Ukraine Latest: Sunday 'Referendum'; Protests in Russia; Obama Briefed

Map of Ukraine; Crimea is the peninsula at the bottom of the map, just above the words 'Black Sea'.
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SIMFEROPOL, Ukraine (AP) -- Ukrainian officials say Russian troops backed by helicopter gunships and armored vehicles have taken control of a village near the border with Crimea.
The action in Strilkove appears to be the first move outside Crimea, where Russian forces have been in effective control since late last month. There were no reports of gunfire or injuries, but the incident is raising tensions on the eve of a referendum on whether Crimea should split from Ukraine and seek to join Russia.
In a statement, Ukraine's Foreign Ministry denounced the foray outside Crimea, and said Ukraine "reserves the right to use all necessary measures to stop the military invasion by Russia."
Ukraine's new government and the West have denounced Sunday's referendum as illegitimate, and the West is threatening to impose sanctions against Russia if it incorporates Crimea. However, residents in Crimea are expected to vote in favor of a split.

UNITED NATIONS (AP) -- Britain's U.N. Ambassador says the Security Council has sent Russia a "resounding message" that it stands isolated in the international community.
Russia today vetoed a resolution declaring tomorrow's referendum on the future of Ukraine's Crimean Peninsula illegal. The veto was expected, but supporters of the U.S.-sponsored resolution put the resolution to a vote to show the strength of opposition to Moscow's takeover of Crimea.
Thirteen nations voted "yes," while China abstained in a show of Moscow's isolation.
The resolution would have reaffirmed the council's commitment to Ukraine's "sovereignty, independence, unity and territorial integrity."

MOSCOW (AP) -- Not everyone in Russia is backing Sunday's referendum in Crimea on whether to break away from Ukraine and merge with Russia.
Tens of thousands gathered Saturday in downtown Moscow in the largest anti-government demonstration since 2012, protesting against the Kremlin-backed referendum.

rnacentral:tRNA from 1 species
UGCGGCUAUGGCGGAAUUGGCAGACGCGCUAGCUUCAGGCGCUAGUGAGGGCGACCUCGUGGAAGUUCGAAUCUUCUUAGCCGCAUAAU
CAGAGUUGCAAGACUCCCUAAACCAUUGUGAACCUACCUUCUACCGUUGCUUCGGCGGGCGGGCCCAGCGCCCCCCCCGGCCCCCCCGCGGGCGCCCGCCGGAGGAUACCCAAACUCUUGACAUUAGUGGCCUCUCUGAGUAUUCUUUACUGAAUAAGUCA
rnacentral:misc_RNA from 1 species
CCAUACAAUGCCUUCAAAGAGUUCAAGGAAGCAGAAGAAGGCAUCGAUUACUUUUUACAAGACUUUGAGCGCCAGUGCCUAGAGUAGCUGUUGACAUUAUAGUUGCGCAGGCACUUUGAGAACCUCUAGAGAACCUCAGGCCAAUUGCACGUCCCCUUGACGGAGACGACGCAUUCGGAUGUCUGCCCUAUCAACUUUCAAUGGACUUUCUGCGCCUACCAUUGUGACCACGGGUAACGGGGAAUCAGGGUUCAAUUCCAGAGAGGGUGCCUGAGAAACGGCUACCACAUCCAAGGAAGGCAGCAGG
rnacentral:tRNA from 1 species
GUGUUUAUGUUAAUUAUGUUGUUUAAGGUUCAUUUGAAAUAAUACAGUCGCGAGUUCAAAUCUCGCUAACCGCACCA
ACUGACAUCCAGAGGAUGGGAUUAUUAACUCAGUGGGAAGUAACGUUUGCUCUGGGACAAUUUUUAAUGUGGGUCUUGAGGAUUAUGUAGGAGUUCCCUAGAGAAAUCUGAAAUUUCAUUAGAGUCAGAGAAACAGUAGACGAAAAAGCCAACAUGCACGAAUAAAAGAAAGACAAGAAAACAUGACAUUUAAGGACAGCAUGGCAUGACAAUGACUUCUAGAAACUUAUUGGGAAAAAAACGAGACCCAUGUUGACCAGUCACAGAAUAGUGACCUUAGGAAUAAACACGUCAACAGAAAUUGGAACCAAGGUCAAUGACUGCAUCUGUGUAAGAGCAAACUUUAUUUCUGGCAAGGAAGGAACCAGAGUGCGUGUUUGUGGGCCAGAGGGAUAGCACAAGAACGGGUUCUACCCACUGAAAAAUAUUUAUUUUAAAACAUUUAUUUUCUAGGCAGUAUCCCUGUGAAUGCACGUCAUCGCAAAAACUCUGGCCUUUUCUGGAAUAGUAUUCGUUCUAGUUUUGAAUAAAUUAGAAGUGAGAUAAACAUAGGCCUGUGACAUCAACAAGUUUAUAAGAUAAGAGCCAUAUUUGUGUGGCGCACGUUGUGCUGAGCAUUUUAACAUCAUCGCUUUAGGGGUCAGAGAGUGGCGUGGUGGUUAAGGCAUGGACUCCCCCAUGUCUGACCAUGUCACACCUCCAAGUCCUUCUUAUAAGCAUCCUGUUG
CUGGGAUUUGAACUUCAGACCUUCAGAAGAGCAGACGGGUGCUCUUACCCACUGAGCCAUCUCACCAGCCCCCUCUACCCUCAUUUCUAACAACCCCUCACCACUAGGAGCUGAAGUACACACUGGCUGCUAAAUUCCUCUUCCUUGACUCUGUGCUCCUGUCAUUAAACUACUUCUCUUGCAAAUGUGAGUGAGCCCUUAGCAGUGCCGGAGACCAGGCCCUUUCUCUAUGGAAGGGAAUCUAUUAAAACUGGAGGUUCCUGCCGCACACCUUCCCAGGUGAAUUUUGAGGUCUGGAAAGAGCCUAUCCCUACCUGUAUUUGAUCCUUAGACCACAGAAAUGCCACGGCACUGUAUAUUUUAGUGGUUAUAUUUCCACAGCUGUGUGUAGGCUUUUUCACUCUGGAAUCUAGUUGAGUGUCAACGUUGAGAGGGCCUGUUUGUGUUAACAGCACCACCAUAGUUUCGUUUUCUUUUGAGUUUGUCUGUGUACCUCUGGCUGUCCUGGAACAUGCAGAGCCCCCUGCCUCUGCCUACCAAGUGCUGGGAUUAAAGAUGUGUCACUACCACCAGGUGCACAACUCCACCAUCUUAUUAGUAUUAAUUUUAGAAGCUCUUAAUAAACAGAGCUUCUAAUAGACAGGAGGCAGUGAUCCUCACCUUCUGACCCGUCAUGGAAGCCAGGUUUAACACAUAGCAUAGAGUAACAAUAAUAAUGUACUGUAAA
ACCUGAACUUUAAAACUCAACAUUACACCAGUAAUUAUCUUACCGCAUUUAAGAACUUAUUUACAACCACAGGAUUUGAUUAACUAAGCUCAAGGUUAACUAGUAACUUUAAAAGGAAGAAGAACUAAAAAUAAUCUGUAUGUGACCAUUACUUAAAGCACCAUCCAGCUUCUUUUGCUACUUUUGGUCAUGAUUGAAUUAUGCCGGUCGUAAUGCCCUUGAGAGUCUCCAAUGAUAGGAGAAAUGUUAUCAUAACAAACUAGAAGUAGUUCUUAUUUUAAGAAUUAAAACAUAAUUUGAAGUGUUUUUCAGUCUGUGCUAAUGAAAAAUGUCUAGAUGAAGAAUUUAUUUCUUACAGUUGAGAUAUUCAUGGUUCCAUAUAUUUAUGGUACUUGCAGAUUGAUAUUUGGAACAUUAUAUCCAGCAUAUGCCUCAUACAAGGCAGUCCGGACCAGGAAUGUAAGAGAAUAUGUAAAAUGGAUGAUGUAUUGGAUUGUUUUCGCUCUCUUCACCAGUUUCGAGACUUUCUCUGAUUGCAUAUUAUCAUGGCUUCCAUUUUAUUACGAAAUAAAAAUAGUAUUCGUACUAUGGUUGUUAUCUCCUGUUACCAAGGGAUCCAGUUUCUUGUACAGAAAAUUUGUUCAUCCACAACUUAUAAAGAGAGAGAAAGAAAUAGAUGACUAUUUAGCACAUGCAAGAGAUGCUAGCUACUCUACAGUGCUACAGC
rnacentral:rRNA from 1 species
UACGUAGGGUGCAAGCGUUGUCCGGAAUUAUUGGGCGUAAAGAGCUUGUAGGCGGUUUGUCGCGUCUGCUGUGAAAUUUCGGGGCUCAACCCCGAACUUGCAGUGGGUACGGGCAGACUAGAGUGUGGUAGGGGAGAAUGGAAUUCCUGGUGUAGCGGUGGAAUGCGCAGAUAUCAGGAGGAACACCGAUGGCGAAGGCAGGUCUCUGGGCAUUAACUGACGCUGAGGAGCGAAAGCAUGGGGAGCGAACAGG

Demonstrators waved Russian and Ukrainian flags while opposition activists -- including the two members of the punk band Pussy Riot who served prison terms for an anti-government stunt -- shouted "Say no to war!" and "Putin, go away!" from a stage.
Protesters also carried banners that read: "For your freedom and for ours!" One demonstrator held up a plate of salo -- cured pork fat that is a staple of Ukrainian cuisine and adored by many Russians -- along with a poster that read: "Make salo, not war!"
Not far away near the Kremlin, several thousand people dressed in matching red costumes marched in formation to show their support for Russian intervention in the region.
Support for reclaiming Crimea, where a majority of residents speak Russian, has intensified amid relentless state television coverage of the region.

WASHINGTON (AP) -- The White House says President Barack Obama is getting regular updates on the situation in Ukraine.
Obama's national security team is discussing Ukraine at a White House meeting Saturday, the eve of a vote on whether Ukraine's Russia-leaning Crimea region should secede and seek annexation by Moscow. Obama and the leaders of other Western nations have denounced the vote as illegal and say they won't recognize the results.
Earlier Saturday at the United Nations, Russia vetoed a U.S.-sponsored resolution declaring Sunday's referendum illegal.
Crimea became a flashpoint after Ukraine's pro-Russia president fled the country last month after months of anti-government protests.
Russia refuses to recognize Ukraine's new government and has effectively taken control of the Crimea region.